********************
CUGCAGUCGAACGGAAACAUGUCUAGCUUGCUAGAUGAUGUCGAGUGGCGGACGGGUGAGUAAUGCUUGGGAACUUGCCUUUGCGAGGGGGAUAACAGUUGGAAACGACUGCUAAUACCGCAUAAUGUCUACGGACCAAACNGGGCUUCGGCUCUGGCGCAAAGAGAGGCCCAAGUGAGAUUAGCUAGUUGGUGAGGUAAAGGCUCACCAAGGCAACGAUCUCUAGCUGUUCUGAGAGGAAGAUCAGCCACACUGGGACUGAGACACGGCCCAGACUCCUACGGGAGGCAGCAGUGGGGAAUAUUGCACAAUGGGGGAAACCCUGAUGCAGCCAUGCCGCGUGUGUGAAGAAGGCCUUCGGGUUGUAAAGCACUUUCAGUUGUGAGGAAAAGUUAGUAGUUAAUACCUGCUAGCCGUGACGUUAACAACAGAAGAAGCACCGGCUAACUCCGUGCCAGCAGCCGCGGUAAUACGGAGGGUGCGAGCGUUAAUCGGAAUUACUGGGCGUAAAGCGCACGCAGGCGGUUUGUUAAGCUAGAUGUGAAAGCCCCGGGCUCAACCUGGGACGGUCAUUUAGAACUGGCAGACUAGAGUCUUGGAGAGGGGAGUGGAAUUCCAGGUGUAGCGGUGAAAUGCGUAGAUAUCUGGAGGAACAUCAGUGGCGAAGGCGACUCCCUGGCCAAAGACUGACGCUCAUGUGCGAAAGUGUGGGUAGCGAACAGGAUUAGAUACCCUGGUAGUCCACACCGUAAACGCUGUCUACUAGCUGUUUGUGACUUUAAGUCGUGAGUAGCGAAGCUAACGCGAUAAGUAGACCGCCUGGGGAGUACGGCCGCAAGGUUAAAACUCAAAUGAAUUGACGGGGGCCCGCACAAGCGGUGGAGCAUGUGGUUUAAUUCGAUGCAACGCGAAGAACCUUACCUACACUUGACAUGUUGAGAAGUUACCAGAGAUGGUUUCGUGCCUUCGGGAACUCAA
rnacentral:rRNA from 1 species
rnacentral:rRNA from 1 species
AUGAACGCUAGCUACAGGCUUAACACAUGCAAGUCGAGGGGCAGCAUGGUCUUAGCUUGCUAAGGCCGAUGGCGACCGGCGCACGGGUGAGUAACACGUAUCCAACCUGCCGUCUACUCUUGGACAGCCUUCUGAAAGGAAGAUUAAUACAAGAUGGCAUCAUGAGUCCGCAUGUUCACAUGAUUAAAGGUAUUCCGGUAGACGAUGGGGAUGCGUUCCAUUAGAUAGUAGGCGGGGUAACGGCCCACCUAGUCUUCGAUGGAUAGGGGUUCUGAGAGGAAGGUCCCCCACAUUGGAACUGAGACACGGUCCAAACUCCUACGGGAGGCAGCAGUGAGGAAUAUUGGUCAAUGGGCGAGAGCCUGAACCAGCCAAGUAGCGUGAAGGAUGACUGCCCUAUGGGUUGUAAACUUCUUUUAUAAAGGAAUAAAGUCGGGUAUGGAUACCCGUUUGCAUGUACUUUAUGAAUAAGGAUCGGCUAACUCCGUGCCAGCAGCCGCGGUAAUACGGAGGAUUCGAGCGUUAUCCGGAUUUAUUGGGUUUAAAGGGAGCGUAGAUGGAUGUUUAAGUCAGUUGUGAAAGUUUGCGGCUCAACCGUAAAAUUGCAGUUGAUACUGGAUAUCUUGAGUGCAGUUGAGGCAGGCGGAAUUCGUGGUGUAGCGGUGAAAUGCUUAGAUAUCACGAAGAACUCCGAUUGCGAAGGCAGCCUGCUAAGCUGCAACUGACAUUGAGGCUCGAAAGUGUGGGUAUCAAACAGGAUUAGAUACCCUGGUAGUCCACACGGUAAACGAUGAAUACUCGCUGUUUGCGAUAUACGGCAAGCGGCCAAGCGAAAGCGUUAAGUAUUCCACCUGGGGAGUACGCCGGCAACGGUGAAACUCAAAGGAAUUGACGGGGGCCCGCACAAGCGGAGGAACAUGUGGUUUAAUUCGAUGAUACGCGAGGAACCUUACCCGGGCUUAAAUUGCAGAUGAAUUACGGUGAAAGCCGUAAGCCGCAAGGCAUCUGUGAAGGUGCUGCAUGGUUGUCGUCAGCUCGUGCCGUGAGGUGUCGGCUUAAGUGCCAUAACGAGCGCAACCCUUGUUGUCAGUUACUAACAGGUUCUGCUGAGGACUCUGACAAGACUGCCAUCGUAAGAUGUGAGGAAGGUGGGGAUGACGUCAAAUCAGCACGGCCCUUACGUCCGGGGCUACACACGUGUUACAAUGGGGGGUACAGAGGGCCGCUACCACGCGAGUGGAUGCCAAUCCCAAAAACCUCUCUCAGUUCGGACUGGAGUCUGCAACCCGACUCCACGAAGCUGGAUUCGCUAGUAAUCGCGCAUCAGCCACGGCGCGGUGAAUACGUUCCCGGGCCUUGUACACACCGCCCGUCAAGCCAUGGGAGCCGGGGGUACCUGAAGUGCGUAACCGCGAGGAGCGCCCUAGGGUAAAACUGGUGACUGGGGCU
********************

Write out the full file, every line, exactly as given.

CUGCAGUCGAACGGAAACAUGUCUAGCUUGCUAGAUGAUGUCGAGUGGCGGACGGGUGAGUAAUGCUUGGGAACUUGCCUUUGCGAGGGGGAUAACAGUUGGAAACGACUGCUAAUACCGCAUAAUGUCUACGGACCAAACNGGGCUUCGGCUCUGGCGCAAAGAGAGGCCCAAGUGAGAUUAGCUAGUUGGUGAGGUAAAGGCUCACCAAGGCAACGAUCUCUAGCUGUUCUGAGAGGAAGAUCAGCCACACUGGGACUGAGACACGGCCCAGACUCCUACGGGAGGCAGCAGUGGGGAAUAUUGCACAAUGGGGGAAACCCUGAUGCAGCCAUGCCGCGUGUGUGAAGAAGGCCUUCGGGUUGUAAAGCACUUUCAGUUGUGAGGAAAAGUUAGUAGUUAAUACCUGCUAGCCGUGACGUUAACAACAGAAGAAGCACCGGCUAACUCCGUGCCAGCAGCCGCGGUAAUACGGAGGGUGCGAGCGUUAAUCGGAAUUACUGGGCGUAAAGCGCACGCAGGCGGUUUGUUAAGCUAGAUGUGAAAGCCCCGGGCUCAACCUGGGACGGUCAUUUAGAACUGGCAGACUAGAGUCUUGGAGAGGGGAGUGGAAUUCCAGGUGUAGCGGUGAAAUGCGUAGAUAUCUGGAGGAACAUCAGUGGCGAAGGCGACUCCCUGGCCAAAGACUGACGCUCAUGUGCGAAAGUGUGGGUAGCGAACAGGAUUAGAUACCCUGGUAGUCCACACCGUAAACGCUGUCUACUAGCUGUUUGUGACUUUAAGUCGUGAGUAGCGAAGCUAACGCGAUAAGUAGACCGCCUGGGGAGUACGGCCGCAAGGUUAAAACUCAAAUGAAUUGACGGGGGCCCGCACAAGCGGUGGAGCAUGUGGUUUAAUUCGAUGCAACGCGAAGAACCUUACCUACACUUGACAUGUUGAGAAGUUACCAGAGAUGGUUUCGUGCCUUCGGGAACUCAA
rnacentral:rRNA from 1 species
rnacentral:rRNA from 1 species
AUGAACGCUAGCUACAGGCUUAACACAUGCAAGUCGAGGGGCAGCAUGGUCUUAGCUUGCUAAGGCCGAUGGCGACCGGCGCACGGGUGAGUAACACGUAUCCAACCUGCCGUCUACUCUUGGACAGCCUUCUGAAAGGAAGAUUAAUACAAGAUGGCAUCAUGAGUCCGCAUGUUCACAUGAUUAAAGGUAUUCCGGUAGACGAUGGGGAUGCGUUCCAUUAGAUAGUAGGCGGGGUAACGGCCCACCUAGUCUUCGAUGGAUAGGGGUUCUGAGAGGAAGGUCCCCCACAUUGGAACUGAGACACGGUCCAAACUCCUACGGGAGGCAGCAGUGAGGAAUAUUGGUCAAUGGGCGAGAGCCUGAACCAGCCAAGUAGCGUGAAGGAUGACUGCCCUAUGGGUUGUAAACUUCUUUUAUAAAGGAAUAAAGUCGGGUAUGGAUACCCGUUUGCAUGUACUUUAUGAAUAAGGAUCGGCUAACUCCGUGCCAGCAGCCGCGGUAAUACGGAGGAUUCGAGCGUUAUCCGGAUUUAUUGGGUUUAAAGGGAGCGUAGAUGGAUGUUUAAGUCAGUUGUGAAAGUUUGCGGCUCAACCGUAAAAUUGCAGUUGAUACUGGAUAUCUUGAGUGCAGUUGAGGCAGGCGGAAUUCGUGGUGUAGCGGUGAAAUGCUUAGAUAUCACGAAGAACUCCGAUUGCGAAGGCAGCCUGCUAAGCUGCAACUGACAUUGAGGCUCGAAAGUGUGGGUAUCAAACAGGAUUAGAUACCCUGGUAGUCCACACGGUAAACGAUGAAUACUCGCUGUUUGCGAUAUACGGCAAGCGGCCAAGCGAAAGCGUUAAGUAUUCCACCUGGGGAGUACGCCGGCAACGGUGAAACUCAAAGGAAUUGACGGGGGCCCGCACAAGCGGAGGAACAUGUGGUUUAAUUCGAUGAUACGCGAGGAACCUUACCCGGGCUUAAAUUGCAGAUGAAUUACGGUGAAAGCCGUAAGCCGCAAGGCAUCUGUGAAGGUGCUGCAUGGUUGUCGUCAGCUCGUGCCGUGAGGUGUCGGCUUAAGUGCCAUAACGAGCGCAACCCUUGUUGUCAGUUACUAACAGGUUCUGCUGAGGACUCUGACAAGACUGCCAUCGUAAGAUGUGAGGAAGGUGGGGAUGACGUCAAAUCAGCACGGCCCUUACGUCCGGGGCUACACACGUGUUACAAUGGGGGGUACAGAGGGCCGCUACCACGCGAGUGGAUGCCAAUCCCAAAAACCUCUCUCAGUUCGGACUGGAGUCUGCAACCCGACUCCACGAAGCUGGAUUCGCUAGUAAUCGCGCAUCAGCCACGGCGCGGUGAAUACGUUCCCGGGCCUUGUACACACCGCCCGUCAAGCCAUGGGAGCCGGGGGUACCUGAAGUGCGUAACCGCGAGGAGCGCCCUAGGGUAAAACUGGUGACUGGGGCU